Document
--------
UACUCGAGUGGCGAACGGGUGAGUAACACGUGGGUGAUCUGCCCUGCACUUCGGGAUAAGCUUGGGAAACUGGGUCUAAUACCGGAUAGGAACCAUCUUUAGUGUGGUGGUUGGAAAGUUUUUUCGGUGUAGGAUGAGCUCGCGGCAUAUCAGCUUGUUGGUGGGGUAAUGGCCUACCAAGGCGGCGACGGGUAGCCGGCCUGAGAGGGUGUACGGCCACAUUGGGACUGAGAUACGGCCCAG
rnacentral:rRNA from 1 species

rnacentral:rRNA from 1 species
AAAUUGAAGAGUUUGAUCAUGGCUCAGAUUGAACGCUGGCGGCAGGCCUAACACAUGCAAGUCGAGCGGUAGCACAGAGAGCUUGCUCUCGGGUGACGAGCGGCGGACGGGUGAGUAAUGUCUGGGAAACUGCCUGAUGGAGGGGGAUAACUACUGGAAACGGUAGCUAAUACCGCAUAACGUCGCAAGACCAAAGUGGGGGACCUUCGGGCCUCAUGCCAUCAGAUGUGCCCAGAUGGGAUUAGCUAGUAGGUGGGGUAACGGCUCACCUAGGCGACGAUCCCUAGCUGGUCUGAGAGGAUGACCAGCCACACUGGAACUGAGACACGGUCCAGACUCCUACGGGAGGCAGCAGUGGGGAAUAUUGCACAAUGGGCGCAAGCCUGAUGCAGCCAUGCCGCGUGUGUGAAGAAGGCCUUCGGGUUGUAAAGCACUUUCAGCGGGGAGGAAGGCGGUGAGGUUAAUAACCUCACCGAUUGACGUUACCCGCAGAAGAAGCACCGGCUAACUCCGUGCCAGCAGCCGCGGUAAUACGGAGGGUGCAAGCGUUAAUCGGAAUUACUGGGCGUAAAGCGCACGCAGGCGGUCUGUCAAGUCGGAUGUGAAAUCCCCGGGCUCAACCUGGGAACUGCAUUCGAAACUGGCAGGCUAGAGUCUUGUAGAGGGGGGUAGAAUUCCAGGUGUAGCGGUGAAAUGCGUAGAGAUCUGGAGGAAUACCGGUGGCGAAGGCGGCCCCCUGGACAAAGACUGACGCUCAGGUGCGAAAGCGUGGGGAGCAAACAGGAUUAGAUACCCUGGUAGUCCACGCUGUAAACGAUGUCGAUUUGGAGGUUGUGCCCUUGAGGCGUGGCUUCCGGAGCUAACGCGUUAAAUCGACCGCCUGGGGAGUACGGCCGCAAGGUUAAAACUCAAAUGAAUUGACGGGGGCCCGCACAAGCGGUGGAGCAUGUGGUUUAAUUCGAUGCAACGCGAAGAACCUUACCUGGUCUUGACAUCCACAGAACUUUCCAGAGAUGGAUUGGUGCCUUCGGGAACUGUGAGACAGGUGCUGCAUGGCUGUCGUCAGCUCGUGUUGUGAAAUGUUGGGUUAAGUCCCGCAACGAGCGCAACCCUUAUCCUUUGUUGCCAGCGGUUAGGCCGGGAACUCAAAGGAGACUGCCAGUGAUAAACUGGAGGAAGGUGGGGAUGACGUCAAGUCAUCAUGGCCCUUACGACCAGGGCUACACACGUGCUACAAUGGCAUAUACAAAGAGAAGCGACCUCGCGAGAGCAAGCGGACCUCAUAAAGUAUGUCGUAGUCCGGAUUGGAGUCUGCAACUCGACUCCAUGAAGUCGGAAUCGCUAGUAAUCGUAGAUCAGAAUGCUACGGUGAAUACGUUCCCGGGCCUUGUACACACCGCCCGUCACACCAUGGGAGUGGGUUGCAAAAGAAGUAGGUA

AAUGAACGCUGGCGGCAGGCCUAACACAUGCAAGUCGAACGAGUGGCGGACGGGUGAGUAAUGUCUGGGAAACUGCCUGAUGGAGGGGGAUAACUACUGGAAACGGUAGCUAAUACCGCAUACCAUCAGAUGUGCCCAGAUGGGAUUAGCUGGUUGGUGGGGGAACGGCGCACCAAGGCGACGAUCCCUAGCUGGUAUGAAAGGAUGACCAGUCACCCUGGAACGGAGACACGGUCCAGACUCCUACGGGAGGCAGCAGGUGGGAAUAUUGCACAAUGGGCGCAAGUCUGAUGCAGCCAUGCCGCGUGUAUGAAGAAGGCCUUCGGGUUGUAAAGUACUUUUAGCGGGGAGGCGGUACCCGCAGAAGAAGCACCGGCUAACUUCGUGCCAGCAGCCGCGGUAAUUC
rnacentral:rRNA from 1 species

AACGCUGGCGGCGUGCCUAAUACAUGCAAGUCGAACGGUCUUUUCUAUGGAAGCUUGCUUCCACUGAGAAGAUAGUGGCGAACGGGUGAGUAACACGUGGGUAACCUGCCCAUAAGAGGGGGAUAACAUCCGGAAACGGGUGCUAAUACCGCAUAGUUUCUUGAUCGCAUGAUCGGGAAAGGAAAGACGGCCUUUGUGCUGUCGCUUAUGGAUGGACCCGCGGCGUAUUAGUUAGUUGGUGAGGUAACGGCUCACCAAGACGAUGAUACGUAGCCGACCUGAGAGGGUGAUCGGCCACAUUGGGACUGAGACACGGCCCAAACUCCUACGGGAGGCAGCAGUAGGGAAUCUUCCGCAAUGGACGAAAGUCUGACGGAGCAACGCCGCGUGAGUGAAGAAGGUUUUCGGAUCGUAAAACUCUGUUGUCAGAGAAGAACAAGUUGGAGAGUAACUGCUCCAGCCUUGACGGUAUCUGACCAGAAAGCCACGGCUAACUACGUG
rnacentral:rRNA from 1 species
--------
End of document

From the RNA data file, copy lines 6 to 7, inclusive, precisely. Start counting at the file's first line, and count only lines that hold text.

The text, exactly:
rnacentral:rRNA from 1 species

AACGCUGGCGGCGUGCCUAAUACAUGCAAGUCGAACGGUCUUUUCUAUGGAAGCUUGCUUCCACUGAGAAGAUAGUGGCGAACGGGUGAGUAACACGUGGGUAACCUGCCCAUAAGAGGGGGAUAACAUCCGGAAACGGGUGCUAAUACCGCAUAGUUUCUUGAUCGCAUGAUCGGGAAAGGAAAGACGGCCUUUGUGCUGUCGCUUAUGGAUGGACCCGCGGCGUAUUAGUUAGUUGGUGAGGUAACGGCUCACCAAGACGAUGAUACGUAGCCGACCUGAGAGGGUGAUCGGCCACAUUGGGACUGAGACACGGCCCAAACUCCUACGGGAGGCAGCAGUAGGGAAUCUUCCGCAAUGGACGAAAGUCUGACGGAGCAACGCCGCGUGAGUGAAGAAGGUUUUCGGAUCGUAAAACUCUGUUGUCAGAGAAGAACAAGUUGGAGAGUAACUGCUCCAGCCUUGACGGUAUCUGACCAGAAAGCCACGGCUAACUACGUG